The foot is an oft-forgot appendage. As long as your feet get around from place to place, you probably don’t give them much thought. It is only when they start to bother you that they get your full attention. But you shouldn’t ignore your feet, even when they’re feeling fine. The shape, appearance, and comfort of your feet are important aspects of your health and wellbeing that shouldn’t be overlooked.
1. What does the shape of your feet say about you?
According to the University of Illinois, the shape of your foot is important because it will impact the type of shoe you need to get the best comfort and support. Think of support like a firm pillow for the arch of your foot. An unsupported foot can lead to leg and back pain and can even cause other forms of detrimental stress, such as tendonitis and hip pain. A healthy, well-balanced foot, however, will make it easier to walk, work and play.
There are three basic foot shapes: neutral, flat and high-arched. One way to find out what shape your feet are is to look at an imprint of your bare foot. If there’s a lot of foot-to-floor impact between your heel and toes, you might have flat feet. If there is almost no impact between toes and heel, it could be an indication of high arches. The neutral foot shape is softly curved for an even wear pattern on the sole.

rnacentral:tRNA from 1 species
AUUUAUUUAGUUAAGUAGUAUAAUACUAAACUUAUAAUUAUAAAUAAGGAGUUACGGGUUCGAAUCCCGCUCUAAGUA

People at the extreme ends of the spectrum may need to wear orthotic inserts. Most people will only need to find a shoe that fits snuggly, but not too tightly. The foot should be cushioned and supported all around when walking and no slipping should occur.
2. Foot appearance can signal health problems
Everyone’s feet look slightly different, but a healthy foot has a few key characteristics. Your nails should be clear and clean, there shouldn’t be any major calluses on your soles, and the alignment of your toes shouldn’t cause you any discomfort. Prevention magazine reported that a change in foot appearance could signal a change in your overall health. For example, people with diabetes need to be extremely wary of cuts on their feet, especially as they might not feel them. Shiny, thin skin on your foot could even be an indication of peripheral arterial disease.
3. Your feet shouldn’t hurt after a day of work
Working on your feet all day can be tough, but it doesn’t have to cause you inordinate amounts of pain. While you might experience some discomfort at the end of a double shift, you should be able to recover with a night’s rest. Wearing safety shoes that provide adequate support is ideal for those who work in highly physical environments such as a hospital, auto shop or restaurant. After a long week, you want to be able to enjoy your free days – and that starts with a sense of comfort and balance during the work week.